propel

verb
pro·​pel | \ prə-ˈpel \
propelled; propelling

Definition of propel

transitive verb

: to drive forward or onward by or as if by means of a force that imparts motion

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Synonyms for propel

Synonyms

drive, push, shove, thrust

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Examples of propel in a Sentence

He grabbed him and propelled him through the door. The train is propelled by steam.

Recent Examples on the Web

Boeing is set to debut its biggest plane ever next month, and the 777X has finally been paired with the gargantuan GE9X engine that will propel its flight. Sam Blum, Popular Mechanics, "The Biggest Jet Engines in History Are Finally Ready to Power Boeing's Biggest Plane," 4 Jan. 2019 Now, the Congressional wins that propelled those numbers past old records are coming to fruition as the 116th Congress is sworn in today, January 3. Lucy Diavolo, Teen Vogue, "The Bad Girls' Caucus Has Been Sworn In and Congress May Never Be the Same," 3 Jan. 2019 Technology and science, the twin engines that propel the skincare industry, are both moving faster than ever. Evelyn Crowley, Vogue, "The 6 Biggest Skincare Breakthroughs of 2018," 19 Dec. 2018 Pat Shurmur thrived in the role last year, behind a career-best season for fill-in quarterback Case Keenum and a 13-3 record that propelled the Vikings to the NFC championship game. Dave Campbell, The Seattle Times, "Vikings fire OC DeFilippo after another flat performance," 12 Dec. 2018 While Drake has emerged as the most famous cast member to date, Degrassi was blessed with a stellar rotating ensemble that propelled the show to 14 seasons. Seventeen, "The 20 Greatest TV Teen Dramas of All Time," 4 Dec. 2018 Despite that underlying message, there is one very big thing that propels the plot: the death of businessman Jon (Ron Livingston) by suicide. Emma Dibdin, Country Living, "Everything You Should Know About ABC's New Tearjerker, 'A Million Little Things'," 12 Sep. 2018 Each wave is propelled by the one that came before, and its momentum carries into another break. Amandla Stenberg, Teen Vogue, "Amandla Stenberg Writes About Her Sexual Assaults," 6 Oct. 2018 The style was propelled to sartorial superstardom by Diane von Furstenberg, and has been rehashed time and time again by by beloved contemporary labels, like Ganni and Realisation Par. Ana Colon, Glamour, "Visit Other Condé Nast Sites," 1 June 2018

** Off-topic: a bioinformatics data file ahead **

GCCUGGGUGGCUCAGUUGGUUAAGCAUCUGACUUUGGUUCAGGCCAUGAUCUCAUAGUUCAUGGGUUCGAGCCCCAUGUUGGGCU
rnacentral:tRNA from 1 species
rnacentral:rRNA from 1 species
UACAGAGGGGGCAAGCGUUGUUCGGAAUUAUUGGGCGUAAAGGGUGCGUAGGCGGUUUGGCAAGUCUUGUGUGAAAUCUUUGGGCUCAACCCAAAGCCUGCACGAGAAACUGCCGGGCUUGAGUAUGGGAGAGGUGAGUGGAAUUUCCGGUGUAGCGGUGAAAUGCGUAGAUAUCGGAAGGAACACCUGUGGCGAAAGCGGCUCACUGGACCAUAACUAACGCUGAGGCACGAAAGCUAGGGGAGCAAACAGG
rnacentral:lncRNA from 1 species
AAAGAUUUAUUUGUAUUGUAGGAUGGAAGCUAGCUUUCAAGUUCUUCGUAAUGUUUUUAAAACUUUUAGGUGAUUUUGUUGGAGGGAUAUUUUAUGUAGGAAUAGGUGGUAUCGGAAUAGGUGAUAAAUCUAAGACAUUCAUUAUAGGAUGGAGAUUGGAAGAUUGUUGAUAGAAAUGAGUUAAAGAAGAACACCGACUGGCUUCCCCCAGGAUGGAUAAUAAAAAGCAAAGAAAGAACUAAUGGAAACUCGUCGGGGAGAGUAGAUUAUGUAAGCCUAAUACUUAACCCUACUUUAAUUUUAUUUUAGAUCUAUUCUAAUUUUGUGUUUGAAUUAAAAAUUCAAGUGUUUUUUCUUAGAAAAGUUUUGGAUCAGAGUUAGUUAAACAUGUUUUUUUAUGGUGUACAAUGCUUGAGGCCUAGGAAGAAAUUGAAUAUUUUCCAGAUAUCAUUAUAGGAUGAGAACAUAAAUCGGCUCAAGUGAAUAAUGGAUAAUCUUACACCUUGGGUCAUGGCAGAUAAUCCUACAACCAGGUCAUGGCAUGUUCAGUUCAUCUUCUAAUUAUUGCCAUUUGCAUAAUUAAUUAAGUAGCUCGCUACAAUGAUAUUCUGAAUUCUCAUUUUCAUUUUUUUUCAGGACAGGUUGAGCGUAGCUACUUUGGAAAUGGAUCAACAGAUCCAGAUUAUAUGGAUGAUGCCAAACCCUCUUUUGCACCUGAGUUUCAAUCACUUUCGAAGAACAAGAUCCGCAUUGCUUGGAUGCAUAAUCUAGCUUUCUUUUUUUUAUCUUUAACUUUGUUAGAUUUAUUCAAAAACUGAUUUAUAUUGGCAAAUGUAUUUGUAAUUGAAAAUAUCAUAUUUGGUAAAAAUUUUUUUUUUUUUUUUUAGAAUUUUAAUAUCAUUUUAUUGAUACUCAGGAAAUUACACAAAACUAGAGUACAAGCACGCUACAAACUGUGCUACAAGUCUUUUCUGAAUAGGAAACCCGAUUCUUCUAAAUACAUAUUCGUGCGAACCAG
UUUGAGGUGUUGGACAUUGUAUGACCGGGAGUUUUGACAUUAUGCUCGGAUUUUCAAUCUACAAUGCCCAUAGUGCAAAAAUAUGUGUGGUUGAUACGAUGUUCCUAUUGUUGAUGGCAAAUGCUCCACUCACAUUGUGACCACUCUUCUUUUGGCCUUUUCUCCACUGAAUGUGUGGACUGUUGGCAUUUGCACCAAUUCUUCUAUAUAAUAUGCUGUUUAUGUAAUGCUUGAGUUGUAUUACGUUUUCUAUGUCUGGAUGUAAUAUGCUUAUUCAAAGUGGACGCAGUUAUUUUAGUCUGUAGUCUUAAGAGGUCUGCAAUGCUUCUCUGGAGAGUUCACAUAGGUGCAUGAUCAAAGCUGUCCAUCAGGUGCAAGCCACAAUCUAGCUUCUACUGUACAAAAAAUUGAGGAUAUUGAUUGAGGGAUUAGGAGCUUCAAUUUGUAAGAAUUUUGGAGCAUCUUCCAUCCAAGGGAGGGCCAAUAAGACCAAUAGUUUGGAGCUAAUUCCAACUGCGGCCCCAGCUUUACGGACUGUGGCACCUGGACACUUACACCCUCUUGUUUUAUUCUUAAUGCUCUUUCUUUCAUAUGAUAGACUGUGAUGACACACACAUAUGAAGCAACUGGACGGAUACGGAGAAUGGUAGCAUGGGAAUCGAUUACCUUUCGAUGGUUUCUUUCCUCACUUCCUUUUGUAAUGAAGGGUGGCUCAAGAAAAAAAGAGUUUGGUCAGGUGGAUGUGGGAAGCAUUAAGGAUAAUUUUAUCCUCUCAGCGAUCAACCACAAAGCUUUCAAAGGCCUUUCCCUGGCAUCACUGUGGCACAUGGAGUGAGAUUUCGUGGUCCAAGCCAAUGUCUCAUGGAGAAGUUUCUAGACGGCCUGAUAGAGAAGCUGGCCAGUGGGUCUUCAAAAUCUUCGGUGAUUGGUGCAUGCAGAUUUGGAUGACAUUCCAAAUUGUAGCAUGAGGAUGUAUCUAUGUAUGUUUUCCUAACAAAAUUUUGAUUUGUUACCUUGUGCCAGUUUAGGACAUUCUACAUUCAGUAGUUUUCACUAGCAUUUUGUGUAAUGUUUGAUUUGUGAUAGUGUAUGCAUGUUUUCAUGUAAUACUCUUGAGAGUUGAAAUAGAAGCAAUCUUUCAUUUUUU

These example sentences are selected automatically from various online news sources to reflect current usage of the word 'propel.' Views expressed in the examples do not represent the opinion of Merriam-Webster or its editors. Send us feedback.

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First Known Use of propel

1558, in the meaning defined above

History and Etymology for propel

Middle English propellen, from Latin propellere, from pro- before + pellere to drive — more at felt

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Statistics for propel

Last Updated

21 Jan 2019

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Time Traveler for propel

The first known use of propel was in 1558

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More Definitions for propel

propel

verb

English Language Learners Definition of propel

: to push or drive (someone or something) forward or in a particular direction

propel

verb
pro·​pel | \ prə-ˈpel \
propelled; propelling

Kids Definition of propel

: to push or cause to move usually forward or onward

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More from Merriam-Webster on propel

Rhyming Dictionary: Words that rhyme with propel

Thesaurus: All synonyms and antonyms for propel

Spanish Central: Translation of propel

Nglish: Translation of propel for Spanish Speakers

Britannica English: Translation of propel for Arabic Speakers

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